RAMALLAH, West Bank — As confidence in the Donald Trump administration's Middle East peace plan appears to be faltering, even in the United States, cooperation for challenging the deal seems to be growing among Palestinian factions, Lebanese Hezbollah and other critics.
The United States has scheduled an “economic workshop” for June 25-26 in Manama, Bahrain, where aspects of the so-called deal of the century are to be presented. The Palestinians, who were not consulted on the meeting or on the peace plan generally, plan to boycott it. The list of attendees remains tentative.
In a May 31 speech marking International Quds (Jerusalem) Day, the annual event initiated by Iran to show support for the Palestinians, Hezbollah Secretary-General Hassan Nasrallah remarked, “It is possible to push the deal of the century to failure, and we are pushing for this outcome. The axis of resistance will stand against the deal of the century.”
Days earlier, in a May 25 speech on Lebanon's Liberation Day, Nasrallah had called for a Palestinian-Lebanese dialogue to oppose the peace plan. He stated, “There is a common interest at the Lebanese national level as the Lebanese people reject naturalization [of Palestinians in Lebanon]. This is a shared sentiment, as the Palestinians are also opposed to naturalization and want to preserve their right to return.”
Hamas has welcomed Nasrallah’s statements. In a May 26 statement, Hamas spokesman Rafat Mubarak said, “A Lebanese-Palestinian dialogue is the best and the strongest tool to fight the deal of the century and the plan to resettle [Palestinian refugees in Lebanon] and deny them the right of return.”
It appears that the yet-to-be-unveiled US proposal has become an opportunity for the strengthening of ties between Hamas, Islamic Jihad and Hezbollah. Osama Hamdan, Hamas representative in Lebanon, told Al-Monitor, “The relationship between Hamas and Hezbollah was and will remain excellent. The most important achievement we could accomplish as Trump pursues his peace plan is to reestablish the importance of the Palestinian cause in the Arab and Muslim world.”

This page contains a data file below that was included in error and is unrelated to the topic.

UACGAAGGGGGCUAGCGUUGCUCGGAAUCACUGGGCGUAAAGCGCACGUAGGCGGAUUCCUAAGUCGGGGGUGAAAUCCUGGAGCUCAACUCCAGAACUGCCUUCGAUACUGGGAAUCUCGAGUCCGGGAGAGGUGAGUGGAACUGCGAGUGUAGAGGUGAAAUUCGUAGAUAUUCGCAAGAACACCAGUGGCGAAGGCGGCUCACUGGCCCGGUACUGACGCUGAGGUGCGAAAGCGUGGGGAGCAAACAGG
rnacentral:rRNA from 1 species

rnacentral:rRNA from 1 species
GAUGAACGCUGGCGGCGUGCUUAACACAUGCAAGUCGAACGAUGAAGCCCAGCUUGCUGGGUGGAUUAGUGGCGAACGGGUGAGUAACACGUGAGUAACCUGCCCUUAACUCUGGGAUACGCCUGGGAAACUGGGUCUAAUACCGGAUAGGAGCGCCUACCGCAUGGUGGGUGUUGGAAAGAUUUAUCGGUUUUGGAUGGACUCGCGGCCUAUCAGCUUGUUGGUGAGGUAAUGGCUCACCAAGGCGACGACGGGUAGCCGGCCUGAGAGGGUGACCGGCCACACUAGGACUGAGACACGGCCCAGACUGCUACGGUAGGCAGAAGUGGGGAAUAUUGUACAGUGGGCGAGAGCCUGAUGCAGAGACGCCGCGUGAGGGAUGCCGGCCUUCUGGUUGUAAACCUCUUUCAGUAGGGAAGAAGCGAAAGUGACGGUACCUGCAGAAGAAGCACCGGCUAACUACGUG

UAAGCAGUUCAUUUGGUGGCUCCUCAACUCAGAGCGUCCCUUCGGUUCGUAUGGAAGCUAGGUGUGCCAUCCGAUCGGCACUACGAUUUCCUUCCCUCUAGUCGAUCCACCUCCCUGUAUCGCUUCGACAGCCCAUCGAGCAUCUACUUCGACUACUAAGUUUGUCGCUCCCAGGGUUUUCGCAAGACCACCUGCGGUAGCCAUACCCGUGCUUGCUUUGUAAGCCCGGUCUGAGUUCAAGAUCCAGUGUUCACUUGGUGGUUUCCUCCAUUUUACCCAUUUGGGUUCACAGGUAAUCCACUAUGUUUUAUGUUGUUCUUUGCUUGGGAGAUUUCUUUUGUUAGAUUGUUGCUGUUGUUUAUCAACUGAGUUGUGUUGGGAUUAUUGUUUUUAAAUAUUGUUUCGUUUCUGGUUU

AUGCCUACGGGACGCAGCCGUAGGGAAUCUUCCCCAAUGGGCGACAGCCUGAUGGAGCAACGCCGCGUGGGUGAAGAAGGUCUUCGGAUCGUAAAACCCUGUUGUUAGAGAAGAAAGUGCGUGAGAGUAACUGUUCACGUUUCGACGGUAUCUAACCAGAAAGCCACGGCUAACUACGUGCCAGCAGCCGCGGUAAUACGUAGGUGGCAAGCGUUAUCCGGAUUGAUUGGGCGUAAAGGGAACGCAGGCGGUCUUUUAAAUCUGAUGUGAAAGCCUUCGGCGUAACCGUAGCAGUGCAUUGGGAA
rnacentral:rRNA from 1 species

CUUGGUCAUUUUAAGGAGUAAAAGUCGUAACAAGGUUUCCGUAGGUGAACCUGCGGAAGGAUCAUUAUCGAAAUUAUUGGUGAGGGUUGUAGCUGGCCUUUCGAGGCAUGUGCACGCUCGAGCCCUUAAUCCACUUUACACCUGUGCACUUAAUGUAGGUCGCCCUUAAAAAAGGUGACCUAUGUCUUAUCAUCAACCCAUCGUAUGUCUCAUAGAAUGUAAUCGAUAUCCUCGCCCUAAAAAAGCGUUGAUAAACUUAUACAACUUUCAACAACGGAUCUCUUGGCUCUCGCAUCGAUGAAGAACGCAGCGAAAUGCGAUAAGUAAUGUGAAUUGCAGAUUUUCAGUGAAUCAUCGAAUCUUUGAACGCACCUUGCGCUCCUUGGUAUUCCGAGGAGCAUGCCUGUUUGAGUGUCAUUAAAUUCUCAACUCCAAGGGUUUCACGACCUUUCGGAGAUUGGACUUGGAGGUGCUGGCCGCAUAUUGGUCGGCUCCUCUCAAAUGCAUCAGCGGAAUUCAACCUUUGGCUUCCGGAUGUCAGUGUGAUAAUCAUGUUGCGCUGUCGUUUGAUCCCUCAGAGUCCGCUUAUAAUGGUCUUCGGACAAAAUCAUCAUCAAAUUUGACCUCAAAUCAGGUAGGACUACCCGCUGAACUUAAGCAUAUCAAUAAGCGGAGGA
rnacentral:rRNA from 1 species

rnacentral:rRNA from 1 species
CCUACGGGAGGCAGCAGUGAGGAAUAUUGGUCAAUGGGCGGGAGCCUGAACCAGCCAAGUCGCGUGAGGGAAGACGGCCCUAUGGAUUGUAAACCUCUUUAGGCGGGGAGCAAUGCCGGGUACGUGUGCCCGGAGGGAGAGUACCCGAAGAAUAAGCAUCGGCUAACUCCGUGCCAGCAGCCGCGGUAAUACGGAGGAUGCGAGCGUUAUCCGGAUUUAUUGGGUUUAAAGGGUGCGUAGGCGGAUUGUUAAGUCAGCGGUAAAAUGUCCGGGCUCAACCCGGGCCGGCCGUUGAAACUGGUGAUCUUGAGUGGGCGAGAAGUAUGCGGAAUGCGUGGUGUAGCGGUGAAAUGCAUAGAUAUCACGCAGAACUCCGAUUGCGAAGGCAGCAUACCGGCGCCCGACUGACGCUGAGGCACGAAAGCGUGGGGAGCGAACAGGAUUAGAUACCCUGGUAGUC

Hamdan further asserted, “Nasrallah’s call goes hand in hand with [his] movement’s decision to reunite Arab and Islamic efforts, irrespective of their disagreements.” According to Hamdan, “[Answering the call will require] some research into the measures, tools and coordination efforts needed through work with Palestinian factions and Hezbollah.”
Husam Badran, a Hamas political bureau member and the movement's lead on international relations, told Al-Monitor, “It's important to face the deal of the century with an Arab-Palestinian consensus based on a strategy of unifying all efforts. Nasrallah’s call falls within this context, and we welcome it. This is the decision expressed by the different Palestinian factions.”
Badran emphasized, “Responding quickly and preparing for a Lebanese-Palestinian meeting [is important], especially since the deal of the century aims to annul the right to return.”
Palestinians have already begun working toward such a meeting. Ihsan Ataya, Islamic Jihad's representative in Lebanon, told Al-Monitor that various Palestinian political forces in Lebanon have been discussing a common vision for taking on the US plan.
The Lebanon-based Alliance of Palestinian Forces — comprised of Hamas, Islamic Jihad, the Palestinian Communist Party and the Popular Front for the Liberation of Palestine — recently requested a meeting with Hezbollah. According to Ataya, the process is at a preliminary stage, but is being pursued. The goal will be to agree on practical measures to resist Trump's plan and protect Lebanese and Palestinian interests. He remarked that converting Palestinian and Lebanese rejection of naturalization into practical steps will require brainstorming on the political and legal dimensions of the issue.
In a speech marking International Quds Day, Yahya al-Sinwar, Hamas' leader in Gaza, noted that Iran has supplied the Palestinian resistance with missiles and asserted, “The deal of the century aims to integrate Israel into the Arab and Islamic region. Whoever supports the [Palestinian] liberation of Jerusalem and the resistance is a friend, but anyone who [sells out] Jerusalem is an enemy.”
Among the chorus of critics opposing the peace plan, Iran's supreme leader, Ayatollah Ali Khamenei, recently called the deal an “evil plot” that will fail. During marches on International Quds Day, protesters in Gaza praised Iran while condemning the plan.
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